Tuesday, July 18, 2006

As you probably know, I have been spending quite a bit of time these past few months on the other side of the Rocky Mountains with Joan in Vancouver. There are many things that I love about Vancouver, in fact I could write an entire blog on the things I like about Vancouver, but there is one thing in particular that I want to talk about tonight.

Over the past month, between the World Cup and the Stampede, Joan and I have spent our fair share of time in bars, restaurants and clubs in both Calgary and Vancouver. We have enjoyed ourselves in both places, but here in Calgary our enjoyment always comes at the price of putting up with other people’s cigarette smoke. In Vancouver, smoking has been banned for years now in all workplaces, including bars and clubs.

Just yesterday, I saw on the news that Calgary city council will be debating moving a proposed smoking ban for this city up from January 2008 to January 2007. Bar owners are complaining that it will affect their bottom lines and that they will be forced out of business. I cannot believe that in this day and age, with so much evidence to the contrary, that city alderman give these concerns any consideration.

I remember when you used to walk into Tim Horton’s and be greeted by a wall of smoke. Everyone went to Tim’s for a coffee and a smoke it would seem. I don’t recall if it was legislation or a corporate decision that prompted the donut chain to go smoke-free many years ago, but I can tell you that despite the fact that you aren’t allowed to smoke there anymore, the lineups at Tim Horton’s are as long as ever.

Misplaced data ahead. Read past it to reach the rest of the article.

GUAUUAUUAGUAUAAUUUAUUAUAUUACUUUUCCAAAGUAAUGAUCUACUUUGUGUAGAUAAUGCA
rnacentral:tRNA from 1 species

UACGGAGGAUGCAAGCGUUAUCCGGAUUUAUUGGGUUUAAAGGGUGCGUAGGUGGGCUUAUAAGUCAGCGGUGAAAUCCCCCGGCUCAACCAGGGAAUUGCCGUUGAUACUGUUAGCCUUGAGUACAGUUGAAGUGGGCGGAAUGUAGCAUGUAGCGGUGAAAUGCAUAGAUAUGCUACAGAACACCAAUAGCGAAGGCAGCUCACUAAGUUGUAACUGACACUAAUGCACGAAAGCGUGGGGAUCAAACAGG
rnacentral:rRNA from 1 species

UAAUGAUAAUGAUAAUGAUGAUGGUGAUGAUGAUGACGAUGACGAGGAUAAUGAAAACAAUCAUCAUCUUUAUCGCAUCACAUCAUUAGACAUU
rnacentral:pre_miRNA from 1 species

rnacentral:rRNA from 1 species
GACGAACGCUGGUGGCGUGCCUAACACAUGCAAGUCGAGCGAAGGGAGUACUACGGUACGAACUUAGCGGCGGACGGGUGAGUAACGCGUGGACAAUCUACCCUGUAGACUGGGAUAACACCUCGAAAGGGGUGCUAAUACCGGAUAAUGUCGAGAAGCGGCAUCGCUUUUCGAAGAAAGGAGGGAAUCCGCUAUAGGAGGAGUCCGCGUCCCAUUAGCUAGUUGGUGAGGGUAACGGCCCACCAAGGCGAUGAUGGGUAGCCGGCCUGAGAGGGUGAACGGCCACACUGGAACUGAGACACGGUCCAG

In my hometown of Wolfville, and in my new favorite city, Vancouver, bars are full despite the fact that nobody can smoke inside. Bar owners in these, and just about every other city where bans have been implemented, expressed the same concerns as those here in Calgary. Years later, bars continue to thrive. People have not stopped going out just because they aren’t able to smoke at bars. Smokers in these cities dutifully go outside to smoke, and allow us to enjoy ourselves without needlessly risking our health.

For those who feel that bars are justified in their fears of losing revenues, there is something else that should be considered, that is the human cost of second hand smoke. A few months ago, the CBC reported the death of Heather Crowe, a long-time waitress who died of lung cancer despite having never smoked in her life. It is sad that bar owners would be so worried about losing a few dollars when their own employees are literally risking their lives to work at their establishments.

I sincerely hope that Calgary’s city councilors do take this opportunity to do the right thing and move the ban up. In fact, it would be nice if they would make it effective immediately. I cannot tell you how much better it is to be able to go out for a night on the town and not come home smelling like you have been fighting fires for hours. It is time for Calgary to follow the lead of so many other cities and make bars and restaurants safer for everybody.


Joan said...

That would definitely make our wing nights more enjoyable!

9:41 PM, July 18, 2006  

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